The work of these political committees is most likely to show up on TV, radio, social media, on your doorstep and in your mailbox at some point between now election day.
Jeff Johnson’s triumph over the former governor — who many expected to win the GOP nomination — sets up a race against U.S. Rep. Tim Walz, who won an easier-than-expected victory in the DFL primary.
A look at the organizations who having filling the airwaves, and the mail, with messages aimed at boosting — and bashing — primary candidates.
One significant urban-rural divide in the race for Minnesota governor: the nature and location of the candidate forums themselves. They have been mostly rural, and mostly on rural subjects.
Accusations of debate-ducking have been flying on both the Republican and DFL sides of the race.
Our weekly roundup of notable 2018 election reporting from Greater Minnesota.
While GOP candidate Jeff Johnson shadow boxed with the absent Tim Pawlenty, the three DFL candidates — Tim Walz, Lori Swanson and Erin Murphy — mostly stuck to broad campaign themes.
In addition to lobbyists and lobbying firms, at least 14 donors have contributed money to the campaigns of candidates from both political parties. Who are they?
For Pawlenty, spinning his $1.7 million haul was an easy assignment. “Our campaign is well-positioned to take our message to every corner of Minnesota.”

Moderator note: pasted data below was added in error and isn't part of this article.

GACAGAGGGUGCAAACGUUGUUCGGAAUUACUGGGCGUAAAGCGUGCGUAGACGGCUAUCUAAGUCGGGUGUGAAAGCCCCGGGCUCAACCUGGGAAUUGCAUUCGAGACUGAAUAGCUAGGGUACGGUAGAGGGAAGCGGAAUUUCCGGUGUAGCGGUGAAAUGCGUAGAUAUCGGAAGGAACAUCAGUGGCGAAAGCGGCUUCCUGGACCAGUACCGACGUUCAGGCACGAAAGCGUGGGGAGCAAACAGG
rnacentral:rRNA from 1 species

Republicans walked away from their state convention with a sense of satisfaction that comes from delivering exactly what’s expected.
“This is about the heart and soul of the Republican party,” Johnson said at a post-endorsement news conference. “Are we a party of the political class … Or are we a party of grassroots Republicans?”
Pawlenty’s late entrance into the race has shaken up an already crowded field.
In the sea — or swamp — of D.C. interests, some stand out more than others.
History is littered with the remains of failed presidential candidacies. What makes Pawlenty’s so special?
The former Minnesota governor offers potentially insightful points about the GOP race for president at a University of Minnesota event.
In the long line of political fights, Dayton versus Bakk is a relatively tame affair. Here, the five biggest Gopher State political battles of the past 25 years.
Legislators may not like it, but Dayton is hardly the first governor whose policy goals took on a personal touch after being unburdened from re-election concerns.
Leibovich covers Washington, D.C. for the New York Times Magazine and is the author of “This Town: Two Parties and a Funeral — Plus, Plenty of Valet Parking! — in America’s Gilded Capital.”
WASHINGTON — Pawlenty told Politico that Republicans should back a “reasonable” minimum wage hike.
The former Minnesota governor’s book, written when he was a candidate for president, is cited in a story about the foundering conservative-book business.